Besides elite athletes, I have started to involve Professional Coaches in the dialogue on Life Beyond Elite Sport? Yes, I am stating the obvious, however coaches are within the athletes inner circle and get to know life as an athlete pretty well. Subsequently, coaches can and do play an important role in the lives of elite athletes.
For the first coaches interview I have asked Peter Lumsden. I met Peter when I was doing my High Performance Coaching course with Tennis Australia and I know he has a passion for wellbeing. Peter has a range of skills and I am really grateful to be able to share his insights today with you.
Life Beyond Elite Sport Coach Interview – Peter Lumsden
Director of Coaching at Discovery Tennis Academy in Melbourne, Australia.
Tell us a bit about your self (i.e. your background, where you grew up and where you are now.
I am a career tennis coach who grew up in Melbourne playing competitively in local junior competition and senior pennant as well as many country tournamentsqualifying events in ITF Satellite events and a short stint competing in European money tournaments.
I completed tertiary study in Melbourne at both Latrobe University and also a post graduate at Deakin University along with professional tennis qualifications at both a Club Professional (Level 2) and High Performance (Level 3) standard.
Then I have coached in regional Victoria and overseas and since 2015 I have been back based in Melbourne creating a high-performance coaching academy for aspiring juniors.
What inspired you to coach sport?
I completed work experience in Year 10 at High School. It was held at the local YMCA, so I was involved in youth sport, coaching, recreational activities and I really enjoyed it immediately. Working with young people has also been my passion and my life.
What sport do you coach?
Tennis and physical conditioning
What age did you start coaching sport?
Age 16 part time whilst I was still in high school.
What has been some the best performances from the athletes you have coached?
I privately coached Australian player Stephen Huss for 14 years to become a top 20 professional doubles player on the ATP tour and who won the Wimbledon doubles title in 2005.
What are you most proud of doing in your life up until now?
Marrying my wife in the year 2000 and having two beautiful daughters aged 14 and 17. Also turning my hobby (tennis) into a professional career.
Who are the mentors who have inspired you and what important lessons have you learnt from them?
My mentors and guides were both my University lecturers and also people who I have met only via books, television shows and podcasts such as Wayne W Dyer, Marianne Williamson, Alan Watts and Oprah Winfrey.
Collectively so many influences have taught me the importance of compassion, clarity, creativity, confidence, courage, calmness, curiosity and connectedness.
Is there a significant quote or saying by which you live your life by? If so, what is it?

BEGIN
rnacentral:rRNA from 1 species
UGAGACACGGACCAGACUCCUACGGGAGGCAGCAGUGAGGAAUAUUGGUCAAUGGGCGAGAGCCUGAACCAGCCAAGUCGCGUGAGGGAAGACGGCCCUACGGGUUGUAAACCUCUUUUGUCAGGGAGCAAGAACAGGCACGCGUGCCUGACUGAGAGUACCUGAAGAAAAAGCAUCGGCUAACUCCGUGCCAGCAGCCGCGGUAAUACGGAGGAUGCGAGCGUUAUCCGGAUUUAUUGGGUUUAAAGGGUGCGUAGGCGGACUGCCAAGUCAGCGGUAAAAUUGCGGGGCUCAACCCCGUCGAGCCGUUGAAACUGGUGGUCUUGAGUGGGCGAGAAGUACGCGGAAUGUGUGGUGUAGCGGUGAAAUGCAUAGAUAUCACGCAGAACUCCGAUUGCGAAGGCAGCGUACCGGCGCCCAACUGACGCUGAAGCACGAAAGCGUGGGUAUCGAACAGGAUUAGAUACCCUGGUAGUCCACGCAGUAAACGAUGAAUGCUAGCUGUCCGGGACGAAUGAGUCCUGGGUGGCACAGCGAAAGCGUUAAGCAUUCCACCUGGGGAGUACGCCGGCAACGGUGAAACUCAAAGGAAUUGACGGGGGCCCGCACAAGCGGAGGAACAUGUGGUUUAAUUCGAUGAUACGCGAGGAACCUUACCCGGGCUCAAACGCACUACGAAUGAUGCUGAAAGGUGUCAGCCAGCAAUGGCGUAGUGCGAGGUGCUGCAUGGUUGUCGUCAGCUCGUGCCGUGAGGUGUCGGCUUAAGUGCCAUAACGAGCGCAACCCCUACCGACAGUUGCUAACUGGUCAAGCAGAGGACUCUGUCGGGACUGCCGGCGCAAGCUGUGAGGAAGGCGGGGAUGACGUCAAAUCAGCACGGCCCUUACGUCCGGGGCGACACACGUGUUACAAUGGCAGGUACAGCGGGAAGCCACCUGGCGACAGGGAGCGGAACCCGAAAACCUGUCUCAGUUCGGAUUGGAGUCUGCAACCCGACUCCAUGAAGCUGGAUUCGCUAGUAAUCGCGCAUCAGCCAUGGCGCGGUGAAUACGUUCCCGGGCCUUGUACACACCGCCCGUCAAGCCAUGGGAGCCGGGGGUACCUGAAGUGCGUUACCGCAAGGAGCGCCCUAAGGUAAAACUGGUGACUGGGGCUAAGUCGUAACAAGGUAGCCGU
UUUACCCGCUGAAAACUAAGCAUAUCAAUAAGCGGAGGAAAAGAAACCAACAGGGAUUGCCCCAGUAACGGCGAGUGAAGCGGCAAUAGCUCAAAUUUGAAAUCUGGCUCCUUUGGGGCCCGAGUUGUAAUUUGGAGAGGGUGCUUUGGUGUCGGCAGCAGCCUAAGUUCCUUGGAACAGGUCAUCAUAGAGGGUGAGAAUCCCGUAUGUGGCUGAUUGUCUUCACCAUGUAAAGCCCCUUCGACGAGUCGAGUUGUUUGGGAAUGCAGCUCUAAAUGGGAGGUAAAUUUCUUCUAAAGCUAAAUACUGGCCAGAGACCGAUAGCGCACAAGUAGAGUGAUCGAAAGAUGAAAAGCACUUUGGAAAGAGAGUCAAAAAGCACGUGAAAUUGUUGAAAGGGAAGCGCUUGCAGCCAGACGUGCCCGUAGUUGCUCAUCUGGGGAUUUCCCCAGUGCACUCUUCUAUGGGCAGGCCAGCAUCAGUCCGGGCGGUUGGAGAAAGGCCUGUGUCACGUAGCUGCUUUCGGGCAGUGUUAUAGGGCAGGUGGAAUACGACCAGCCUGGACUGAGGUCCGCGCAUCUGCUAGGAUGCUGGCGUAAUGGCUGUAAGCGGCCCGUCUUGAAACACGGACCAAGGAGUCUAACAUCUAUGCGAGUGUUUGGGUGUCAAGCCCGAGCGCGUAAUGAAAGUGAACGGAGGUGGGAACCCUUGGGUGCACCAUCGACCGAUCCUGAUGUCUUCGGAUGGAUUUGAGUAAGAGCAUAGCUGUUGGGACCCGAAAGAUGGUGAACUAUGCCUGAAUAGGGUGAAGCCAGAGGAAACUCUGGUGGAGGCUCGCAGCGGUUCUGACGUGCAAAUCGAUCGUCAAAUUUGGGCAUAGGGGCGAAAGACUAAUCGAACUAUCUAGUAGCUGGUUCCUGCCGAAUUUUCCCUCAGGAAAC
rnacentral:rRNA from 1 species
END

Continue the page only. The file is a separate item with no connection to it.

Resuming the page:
“And I say to you, I have also decided to stick to love. For I know that love is ultimately the only answer to mankind’s problems. And I’m going to talk about it everywhere I go. I know it isn’t popular to talk about it in some circles today. I’m not talking about emotional bosh when I talk about love, I’m talking about a strong, demanding love. And I have seen too much hate” ~ Martin Luther King Jnr
What is the most important lesson / insight you learnt from being a coach to elite athletes?
A relationship built on expertise and trust. “I know what I am doing and I have your back”.
What are the top 3 skills you would encourage an athlete to develop whilst still playing their sport to help them make their transition to life beyond elite sport?
- Educate themselves informally but more importantly formally whilst competing, travelling and training as they have plenty of time and it serves multiple purposes and benefits (i.e. takes their mind off the stresses of performance, prepares them for a life and carer after sport, makes them more interesting and grounded, provides a longer term purpose, challengers them mentally and more broadly as an individual),
- Engage with the community that surrounds you and maintain or broaden your friendship groups beyond those involved in your sport to gain a sense of perspective.
- Understand that although difficult life as a professional athlete is a privilege and to respect that privilege and show both gratitude for it, an appreciation for those who help and support you whilst pursuing “your” dream and to acknowledge this internally on a daily basis and externally as often as appropriate to those people who care for you.
What are your top 3 tips for helping athletes make their transition to life beyond elite sport?
- Be open to and have the courage to try new things as elite sport is one dimensional and insular in many ways,
- Understand that so many of the character traits that have helped you have a career as a professional sports person (i.e. drive, motivation, consistent effort, planning, commitment, resilience and grit) are the essential ingredients so sort after by business and the qualities that can help you begin your own business, and
- Value taking all the experiences you have had as a pro athlete with you into the next chapter of your life, the good, the difficult, the fair and the unfair, the challenging and the euphoria of success and integrate all those parts of you elite sporting life as the base plate to continuing a blessed life.
Over to You…
I hope this has given you some insight from a coach who works with elite athletes. Thanks so much Peter for sharing your wisdom and thanks so much for working holistically with athletes. You can connect with Peter here.
If you have any questions, please let me know or leave a comment below.